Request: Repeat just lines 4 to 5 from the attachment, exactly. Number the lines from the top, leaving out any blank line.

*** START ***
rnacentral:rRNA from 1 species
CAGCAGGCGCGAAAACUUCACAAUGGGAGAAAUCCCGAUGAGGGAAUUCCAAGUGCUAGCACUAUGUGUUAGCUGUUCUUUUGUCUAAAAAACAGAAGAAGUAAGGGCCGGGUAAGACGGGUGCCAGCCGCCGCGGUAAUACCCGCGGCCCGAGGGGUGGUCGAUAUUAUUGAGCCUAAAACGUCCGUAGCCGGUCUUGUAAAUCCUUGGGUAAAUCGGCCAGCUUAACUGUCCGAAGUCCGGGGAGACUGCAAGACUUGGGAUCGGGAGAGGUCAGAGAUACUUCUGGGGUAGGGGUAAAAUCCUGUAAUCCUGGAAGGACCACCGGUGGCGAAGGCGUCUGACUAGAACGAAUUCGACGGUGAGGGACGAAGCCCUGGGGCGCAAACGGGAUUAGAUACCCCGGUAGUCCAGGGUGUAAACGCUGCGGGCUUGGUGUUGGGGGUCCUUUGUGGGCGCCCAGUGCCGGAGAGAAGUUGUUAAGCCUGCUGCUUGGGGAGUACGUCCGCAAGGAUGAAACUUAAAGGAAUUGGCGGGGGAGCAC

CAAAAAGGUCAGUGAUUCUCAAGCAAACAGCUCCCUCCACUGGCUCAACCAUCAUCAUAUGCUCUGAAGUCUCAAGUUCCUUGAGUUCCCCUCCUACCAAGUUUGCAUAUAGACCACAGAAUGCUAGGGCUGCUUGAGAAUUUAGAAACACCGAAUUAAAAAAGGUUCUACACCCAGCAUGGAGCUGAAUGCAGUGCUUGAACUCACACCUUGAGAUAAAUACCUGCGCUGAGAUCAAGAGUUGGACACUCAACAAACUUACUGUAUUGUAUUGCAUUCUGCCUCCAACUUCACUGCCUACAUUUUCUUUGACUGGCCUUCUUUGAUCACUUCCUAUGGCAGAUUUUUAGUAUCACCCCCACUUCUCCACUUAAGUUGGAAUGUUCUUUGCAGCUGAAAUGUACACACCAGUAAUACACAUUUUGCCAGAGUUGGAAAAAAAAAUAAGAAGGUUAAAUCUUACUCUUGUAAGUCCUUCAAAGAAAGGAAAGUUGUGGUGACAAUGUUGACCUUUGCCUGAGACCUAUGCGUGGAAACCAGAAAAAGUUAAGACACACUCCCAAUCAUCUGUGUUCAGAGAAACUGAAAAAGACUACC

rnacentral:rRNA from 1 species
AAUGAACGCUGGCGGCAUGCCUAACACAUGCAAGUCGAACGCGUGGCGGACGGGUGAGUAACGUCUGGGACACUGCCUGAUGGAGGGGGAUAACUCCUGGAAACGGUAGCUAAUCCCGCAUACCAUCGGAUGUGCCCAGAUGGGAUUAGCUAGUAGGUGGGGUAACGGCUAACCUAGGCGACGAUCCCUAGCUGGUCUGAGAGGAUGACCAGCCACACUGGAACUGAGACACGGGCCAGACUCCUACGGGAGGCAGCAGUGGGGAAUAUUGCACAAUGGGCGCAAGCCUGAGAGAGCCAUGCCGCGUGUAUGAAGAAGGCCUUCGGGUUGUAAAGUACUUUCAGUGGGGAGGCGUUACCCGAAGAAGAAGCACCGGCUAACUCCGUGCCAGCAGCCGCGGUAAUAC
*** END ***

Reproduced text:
rnacentral:rRNA from 1 species
AAUGAACGCUGGCGGCAUGCCUAACACAUGCAAGUCGAACGCGUGGCGGACGGGUGAGUAACGUCUGGGACACUGCCUGAUGGAGGGGGAUAACUCCUGGAAACGGUAGCUAAUCCCGCAUACCAUCGGAUGUGCCCAGAUGGGAUUAGCUAGUAGGUGGGGUAACGGCUAACCUAGGCGACGAUCCCUAGCUGGUCUGAGAGGAUGACCAGCCACACUGGAACUGAGACACGGGCCAGACUCCUACGGGAGGCAGCAGUGGGGAAUAUUGCACAAUGGGCGCAAGCCUGAGAGAGCCAUGCCGCGUGUAUGAAGAAGGCCUUCGGGUUGUAAAGUACUUUCAGUGGGGAGGCGUUACCCGAAGAAGAAGCACCGGCUAACUCCGUGCCAGCAGCCGCGGUAAUAC